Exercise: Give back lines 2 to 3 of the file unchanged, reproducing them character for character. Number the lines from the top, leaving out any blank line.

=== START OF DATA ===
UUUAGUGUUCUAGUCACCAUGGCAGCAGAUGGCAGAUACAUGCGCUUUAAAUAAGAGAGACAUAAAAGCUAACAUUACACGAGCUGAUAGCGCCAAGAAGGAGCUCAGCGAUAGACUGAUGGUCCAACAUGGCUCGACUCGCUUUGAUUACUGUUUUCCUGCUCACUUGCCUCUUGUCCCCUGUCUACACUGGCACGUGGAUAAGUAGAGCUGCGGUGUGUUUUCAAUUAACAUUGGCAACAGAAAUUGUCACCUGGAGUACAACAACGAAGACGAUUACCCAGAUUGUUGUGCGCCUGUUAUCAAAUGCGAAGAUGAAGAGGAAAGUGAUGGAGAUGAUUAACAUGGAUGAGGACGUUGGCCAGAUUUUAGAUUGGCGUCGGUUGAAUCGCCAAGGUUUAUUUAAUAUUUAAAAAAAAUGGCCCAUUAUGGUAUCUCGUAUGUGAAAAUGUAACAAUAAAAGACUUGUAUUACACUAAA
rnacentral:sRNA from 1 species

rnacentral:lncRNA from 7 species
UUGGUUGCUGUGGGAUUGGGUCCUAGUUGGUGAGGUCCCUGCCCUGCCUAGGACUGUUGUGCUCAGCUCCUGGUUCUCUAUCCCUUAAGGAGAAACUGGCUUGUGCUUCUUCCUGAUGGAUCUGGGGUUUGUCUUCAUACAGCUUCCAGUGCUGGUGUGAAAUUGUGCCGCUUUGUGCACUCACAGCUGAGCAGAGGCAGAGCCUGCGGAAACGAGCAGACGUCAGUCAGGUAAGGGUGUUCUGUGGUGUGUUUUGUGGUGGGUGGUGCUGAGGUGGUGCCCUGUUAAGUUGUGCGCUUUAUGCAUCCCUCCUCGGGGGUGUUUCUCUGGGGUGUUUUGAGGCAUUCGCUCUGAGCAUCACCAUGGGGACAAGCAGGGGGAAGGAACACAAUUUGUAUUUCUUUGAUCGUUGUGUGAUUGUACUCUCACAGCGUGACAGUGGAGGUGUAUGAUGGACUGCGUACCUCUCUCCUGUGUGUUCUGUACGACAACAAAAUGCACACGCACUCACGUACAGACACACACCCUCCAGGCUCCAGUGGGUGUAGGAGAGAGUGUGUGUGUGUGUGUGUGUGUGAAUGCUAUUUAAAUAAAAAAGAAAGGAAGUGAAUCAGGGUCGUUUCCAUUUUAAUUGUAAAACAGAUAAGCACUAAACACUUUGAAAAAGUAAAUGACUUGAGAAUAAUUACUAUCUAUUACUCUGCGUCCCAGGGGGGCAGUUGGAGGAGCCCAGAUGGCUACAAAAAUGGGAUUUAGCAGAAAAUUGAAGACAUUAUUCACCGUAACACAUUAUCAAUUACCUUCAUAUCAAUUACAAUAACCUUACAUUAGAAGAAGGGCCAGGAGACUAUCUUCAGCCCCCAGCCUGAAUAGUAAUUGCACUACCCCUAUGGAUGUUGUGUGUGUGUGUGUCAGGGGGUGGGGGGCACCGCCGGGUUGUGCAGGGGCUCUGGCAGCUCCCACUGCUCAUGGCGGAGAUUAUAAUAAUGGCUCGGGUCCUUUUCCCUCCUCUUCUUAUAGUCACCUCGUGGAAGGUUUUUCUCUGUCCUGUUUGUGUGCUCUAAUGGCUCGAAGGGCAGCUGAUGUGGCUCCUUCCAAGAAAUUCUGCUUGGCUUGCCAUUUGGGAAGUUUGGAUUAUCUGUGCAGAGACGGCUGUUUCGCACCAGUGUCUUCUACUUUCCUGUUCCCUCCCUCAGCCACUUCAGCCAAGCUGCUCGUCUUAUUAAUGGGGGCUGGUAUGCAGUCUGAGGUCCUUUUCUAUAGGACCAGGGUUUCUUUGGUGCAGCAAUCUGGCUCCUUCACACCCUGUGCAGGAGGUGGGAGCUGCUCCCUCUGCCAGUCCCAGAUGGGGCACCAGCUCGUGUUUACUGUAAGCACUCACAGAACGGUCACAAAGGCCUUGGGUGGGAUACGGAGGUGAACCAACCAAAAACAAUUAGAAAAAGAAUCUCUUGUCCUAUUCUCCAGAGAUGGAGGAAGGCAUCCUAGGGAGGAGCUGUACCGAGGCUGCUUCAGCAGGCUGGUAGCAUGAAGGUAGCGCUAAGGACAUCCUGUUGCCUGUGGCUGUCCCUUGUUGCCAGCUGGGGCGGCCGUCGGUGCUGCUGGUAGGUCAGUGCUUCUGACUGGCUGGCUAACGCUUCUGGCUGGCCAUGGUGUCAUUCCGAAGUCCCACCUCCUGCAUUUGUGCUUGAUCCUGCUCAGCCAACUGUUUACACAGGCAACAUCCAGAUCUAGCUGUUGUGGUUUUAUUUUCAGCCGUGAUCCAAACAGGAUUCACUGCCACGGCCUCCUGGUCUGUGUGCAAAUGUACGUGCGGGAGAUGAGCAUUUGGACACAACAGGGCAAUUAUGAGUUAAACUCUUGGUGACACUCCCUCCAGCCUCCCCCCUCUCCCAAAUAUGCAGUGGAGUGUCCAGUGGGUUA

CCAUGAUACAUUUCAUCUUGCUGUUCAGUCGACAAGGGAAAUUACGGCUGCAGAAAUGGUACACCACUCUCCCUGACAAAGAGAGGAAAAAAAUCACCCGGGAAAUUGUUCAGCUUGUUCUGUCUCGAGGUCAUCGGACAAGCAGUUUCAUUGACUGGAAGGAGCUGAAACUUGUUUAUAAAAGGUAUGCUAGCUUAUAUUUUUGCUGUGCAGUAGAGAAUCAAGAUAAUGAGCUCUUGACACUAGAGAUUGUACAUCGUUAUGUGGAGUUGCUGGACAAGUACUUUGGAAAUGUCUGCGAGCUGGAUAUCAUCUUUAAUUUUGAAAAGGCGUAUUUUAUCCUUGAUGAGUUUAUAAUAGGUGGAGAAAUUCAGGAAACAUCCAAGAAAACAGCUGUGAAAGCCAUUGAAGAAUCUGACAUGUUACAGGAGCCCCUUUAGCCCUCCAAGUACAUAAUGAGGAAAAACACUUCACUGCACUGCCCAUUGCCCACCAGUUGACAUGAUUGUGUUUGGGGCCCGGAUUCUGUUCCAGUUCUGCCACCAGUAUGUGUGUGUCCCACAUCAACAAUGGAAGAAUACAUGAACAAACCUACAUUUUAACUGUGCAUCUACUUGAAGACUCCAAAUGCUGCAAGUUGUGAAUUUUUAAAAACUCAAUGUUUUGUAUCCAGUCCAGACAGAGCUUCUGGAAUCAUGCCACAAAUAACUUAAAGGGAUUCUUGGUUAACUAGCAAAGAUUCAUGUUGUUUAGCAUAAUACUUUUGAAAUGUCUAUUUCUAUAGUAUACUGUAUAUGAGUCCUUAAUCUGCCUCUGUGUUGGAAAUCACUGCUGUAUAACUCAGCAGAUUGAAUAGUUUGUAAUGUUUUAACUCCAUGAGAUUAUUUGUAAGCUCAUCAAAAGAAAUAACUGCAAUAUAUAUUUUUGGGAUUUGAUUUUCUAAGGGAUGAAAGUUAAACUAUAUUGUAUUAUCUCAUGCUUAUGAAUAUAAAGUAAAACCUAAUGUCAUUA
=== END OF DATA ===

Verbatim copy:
rnacentral:sRNA from 1 species

rnacentral:lncRNA from 7 species